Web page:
Comparative Study of Burnout and Other Aspects of Mental Health in Medical Staff Working in Covid-19 and Non-Covid-19 Wards


General Health Questionnaire
Infectious disease
Medical staff


How to Cite

Haji Seyed Javadi, S. A. ., Rezaei, B. ., Shafikhani, A. A., & Sarichloo, M. E. . (2021). Comparative Study of Burnout and Other Aspects of Mental Health in Medical Staff Working in Covid-19 and Non-Covid-19 Wards. Iranian Red Crescent Medical Journal, 23(12).


Background: The Covid-19 pandemic has put unprecedented pressure on the medical staff, leading to mental disorders and burnout. Objectives: The present study aimed to compare burnout and other aspects of mental health in medical staff working in Covid-19 and non-Covid-19 wards.

Methods: This cross-sectional study was conducted in the Social Determinants of Health Research Center of Qazvin University of Medical Sciences from 10 December 2020 to 16 April 2021. A total of 384 respondents (187 cases in Covid-19 wards and 197 subjects in non- Covid-19 wards) were selected via the convenience sample method. The Maslach Burnout Inventory (MBI) and the General Health Questionnaire-28 (GHQ-28) were distributed to all participants online. Moreover, sociodemographic data and occupational conditions were collected and analyzed using appropriate statistical methods.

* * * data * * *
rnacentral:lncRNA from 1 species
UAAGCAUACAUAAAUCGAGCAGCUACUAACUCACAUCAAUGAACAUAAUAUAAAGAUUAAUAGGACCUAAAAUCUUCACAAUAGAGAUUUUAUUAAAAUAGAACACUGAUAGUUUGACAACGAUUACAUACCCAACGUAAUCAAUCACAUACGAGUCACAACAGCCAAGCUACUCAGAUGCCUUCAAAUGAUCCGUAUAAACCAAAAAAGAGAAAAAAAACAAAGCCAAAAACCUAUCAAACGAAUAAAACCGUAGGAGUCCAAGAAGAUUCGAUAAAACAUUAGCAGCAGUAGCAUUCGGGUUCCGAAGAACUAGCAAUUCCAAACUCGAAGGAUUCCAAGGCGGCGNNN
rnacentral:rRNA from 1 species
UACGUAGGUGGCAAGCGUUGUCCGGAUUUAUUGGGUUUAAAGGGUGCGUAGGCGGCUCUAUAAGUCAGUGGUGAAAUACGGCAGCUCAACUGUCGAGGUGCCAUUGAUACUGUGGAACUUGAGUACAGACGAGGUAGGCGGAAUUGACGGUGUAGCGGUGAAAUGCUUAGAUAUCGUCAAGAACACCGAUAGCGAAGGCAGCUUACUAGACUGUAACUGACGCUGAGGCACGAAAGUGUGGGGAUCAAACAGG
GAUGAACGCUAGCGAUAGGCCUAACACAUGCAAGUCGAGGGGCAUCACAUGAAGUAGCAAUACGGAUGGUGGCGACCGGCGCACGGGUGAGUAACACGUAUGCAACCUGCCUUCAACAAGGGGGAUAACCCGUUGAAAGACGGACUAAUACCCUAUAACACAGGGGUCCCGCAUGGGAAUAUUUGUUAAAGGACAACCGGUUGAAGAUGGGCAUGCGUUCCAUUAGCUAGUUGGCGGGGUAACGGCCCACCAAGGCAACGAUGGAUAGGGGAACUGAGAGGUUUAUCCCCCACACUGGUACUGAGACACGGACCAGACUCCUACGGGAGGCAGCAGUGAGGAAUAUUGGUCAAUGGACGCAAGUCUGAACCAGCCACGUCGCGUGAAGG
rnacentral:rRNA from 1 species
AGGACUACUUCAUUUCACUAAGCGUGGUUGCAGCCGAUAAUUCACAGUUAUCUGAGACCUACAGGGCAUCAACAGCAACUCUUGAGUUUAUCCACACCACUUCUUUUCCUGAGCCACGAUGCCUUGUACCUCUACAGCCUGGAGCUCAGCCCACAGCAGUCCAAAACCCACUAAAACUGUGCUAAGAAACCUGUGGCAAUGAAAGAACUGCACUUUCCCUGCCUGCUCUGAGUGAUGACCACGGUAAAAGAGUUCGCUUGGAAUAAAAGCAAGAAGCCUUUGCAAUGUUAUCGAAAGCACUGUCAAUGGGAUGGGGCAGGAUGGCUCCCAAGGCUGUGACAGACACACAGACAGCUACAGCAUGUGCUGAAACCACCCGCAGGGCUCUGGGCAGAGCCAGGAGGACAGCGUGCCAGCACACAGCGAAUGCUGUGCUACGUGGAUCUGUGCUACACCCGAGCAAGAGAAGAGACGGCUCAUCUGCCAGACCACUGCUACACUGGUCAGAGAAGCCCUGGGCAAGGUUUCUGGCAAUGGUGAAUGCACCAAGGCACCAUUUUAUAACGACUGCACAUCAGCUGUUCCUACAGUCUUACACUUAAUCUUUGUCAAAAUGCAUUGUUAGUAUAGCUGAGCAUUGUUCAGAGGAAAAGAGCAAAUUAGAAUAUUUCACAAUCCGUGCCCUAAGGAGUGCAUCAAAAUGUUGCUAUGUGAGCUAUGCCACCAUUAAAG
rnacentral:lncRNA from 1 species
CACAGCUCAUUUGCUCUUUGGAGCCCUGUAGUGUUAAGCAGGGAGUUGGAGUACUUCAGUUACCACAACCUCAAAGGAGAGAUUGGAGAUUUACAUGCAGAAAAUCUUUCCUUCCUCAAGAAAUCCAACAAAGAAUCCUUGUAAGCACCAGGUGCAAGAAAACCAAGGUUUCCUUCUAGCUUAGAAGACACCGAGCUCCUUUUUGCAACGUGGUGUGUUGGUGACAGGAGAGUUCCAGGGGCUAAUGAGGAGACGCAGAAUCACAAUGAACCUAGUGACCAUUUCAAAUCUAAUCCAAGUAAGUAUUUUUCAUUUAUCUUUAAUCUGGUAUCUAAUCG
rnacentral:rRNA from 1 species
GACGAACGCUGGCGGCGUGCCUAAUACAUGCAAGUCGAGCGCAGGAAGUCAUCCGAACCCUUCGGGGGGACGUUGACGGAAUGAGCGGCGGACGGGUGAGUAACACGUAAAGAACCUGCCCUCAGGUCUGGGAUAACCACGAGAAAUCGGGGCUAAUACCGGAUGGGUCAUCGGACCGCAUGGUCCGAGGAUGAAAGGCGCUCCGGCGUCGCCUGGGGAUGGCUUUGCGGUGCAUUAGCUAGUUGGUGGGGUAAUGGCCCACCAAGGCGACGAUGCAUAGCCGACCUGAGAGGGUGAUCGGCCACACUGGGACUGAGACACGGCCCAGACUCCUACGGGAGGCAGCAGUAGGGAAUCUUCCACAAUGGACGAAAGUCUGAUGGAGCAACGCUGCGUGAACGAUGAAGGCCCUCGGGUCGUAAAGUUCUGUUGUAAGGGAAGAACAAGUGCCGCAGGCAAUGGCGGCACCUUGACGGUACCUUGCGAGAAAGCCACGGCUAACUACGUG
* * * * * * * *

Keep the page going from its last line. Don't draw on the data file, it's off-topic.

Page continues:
Results: Based on the results, medical staff working in Covid-19 wards had significantly higher GHQ scores, compared to those in non-Covid-19 wards (29.82±11.07 vs. 25.76±11.83; P<.001, respectively). The risk factors associated with high scores in GHQ subscales included more shifts, being a nurse and being a physician (P<0.05). In terms of burnout subscales, the medical staff working in Covid-19 wards had significantly higher depersonalization and emotional exhaustion, as well as lower individual performance (P<0.05). The risk factors associated with burnout subscales included the female gender, being a nurse, being a physician, having children, confirmed Covid-19 infection, and staff relocation during the Covid-19 pandemic (P<0.05).

Conclusion: As evidenced by the results of the present study, individual variables, along with the prevalence of Covid-19, can affect the psychological consequences of medical staff and be considered a risk factor for each of them.


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